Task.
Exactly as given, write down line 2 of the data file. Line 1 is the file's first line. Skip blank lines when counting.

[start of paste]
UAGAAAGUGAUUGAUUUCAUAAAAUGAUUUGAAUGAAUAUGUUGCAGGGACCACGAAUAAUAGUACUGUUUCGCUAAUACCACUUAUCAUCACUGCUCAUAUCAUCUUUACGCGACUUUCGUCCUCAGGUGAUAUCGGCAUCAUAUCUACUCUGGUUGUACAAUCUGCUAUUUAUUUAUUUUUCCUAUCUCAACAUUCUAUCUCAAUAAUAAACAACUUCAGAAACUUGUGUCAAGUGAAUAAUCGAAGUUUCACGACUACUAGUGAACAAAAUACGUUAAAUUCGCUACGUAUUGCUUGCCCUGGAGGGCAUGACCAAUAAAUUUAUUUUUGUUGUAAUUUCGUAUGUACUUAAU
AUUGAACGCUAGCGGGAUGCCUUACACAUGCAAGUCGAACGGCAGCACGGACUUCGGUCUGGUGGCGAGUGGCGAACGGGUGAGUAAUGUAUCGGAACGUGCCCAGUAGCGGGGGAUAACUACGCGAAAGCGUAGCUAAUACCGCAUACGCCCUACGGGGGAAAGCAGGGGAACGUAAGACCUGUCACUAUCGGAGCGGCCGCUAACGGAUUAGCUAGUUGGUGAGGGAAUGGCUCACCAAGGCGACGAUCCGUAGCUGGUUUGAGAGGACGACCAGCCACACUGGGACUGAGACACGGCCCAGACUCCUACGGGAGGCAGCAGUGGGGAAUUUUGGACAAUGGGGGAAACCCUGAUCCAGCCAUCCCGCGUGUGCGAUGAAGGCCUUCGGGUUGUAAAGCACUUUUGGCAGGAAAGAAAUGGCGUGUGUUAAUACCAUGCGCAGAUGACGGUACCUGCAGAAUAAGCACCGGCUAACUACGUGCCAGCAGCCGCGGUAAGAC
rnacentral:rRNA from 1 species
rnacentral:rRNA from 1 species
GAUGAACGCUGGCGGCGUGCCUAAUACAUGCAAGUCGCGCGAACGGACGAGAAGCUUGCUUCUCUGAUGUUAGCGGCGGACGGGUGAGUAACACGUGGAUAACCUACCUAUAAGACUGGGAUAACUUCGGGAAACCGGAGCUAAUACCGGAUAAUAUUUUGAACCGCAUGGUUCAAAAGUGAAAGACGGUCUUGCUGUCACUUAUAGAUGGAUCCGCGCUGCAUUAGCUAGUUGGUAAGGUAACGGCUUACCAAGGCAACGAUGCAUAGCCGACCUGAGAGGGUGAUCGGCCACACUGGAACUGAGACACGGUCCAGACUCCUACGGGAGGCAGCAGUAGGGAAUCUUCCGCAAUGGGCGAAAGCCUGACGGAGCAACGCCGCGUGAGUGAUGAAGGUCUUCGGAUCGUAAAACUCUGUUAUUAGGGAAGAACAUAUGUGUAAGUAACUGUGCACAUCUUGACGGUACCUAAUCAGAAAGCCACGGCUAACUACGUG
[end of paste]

AUUGAACGCUAGCGGGAUGCCUUACACAUGCAAGUCGAACGGCAGCACGGACUUCGGUCUGGUGGCGAGUGGCGAACGGGUGAGUAAUGUAUCGGAACGUGCCCAGUAGCGGGGGAUAACUACGCGAAAGCGUAGCUAAUACCGCAUACGCCCUACGGGGGAAAGCAGGGGAACGUAAGACCUGUCACUAUCGGAGCGGCCGCUAACGGAUUAGCUAGUUGGUGAGGGAAUGGCUCACCAAGGCGACGAUCCGUAGCUGGUUUGAGAGGACGACCAGCCACACUGGGACUGAGACACGGCCCAGACUCCUACGGGAGGCAGCAGUGGGGAAUUUUGGACAAUGGGGGAAACCCUGAUCCAGCCAUCCCGCGUGUGCGAUGAAGGCCUUCGGGUUGUAAAGCACUUUUGGCAGGAAAGAAAUGGCGUGUGUUAAUACCAUGCGCAGAUGACGGUACCUGCAGAAUAAGCACCGGCUAACUACGUGCCAGCAGCCGCGGUAAGAC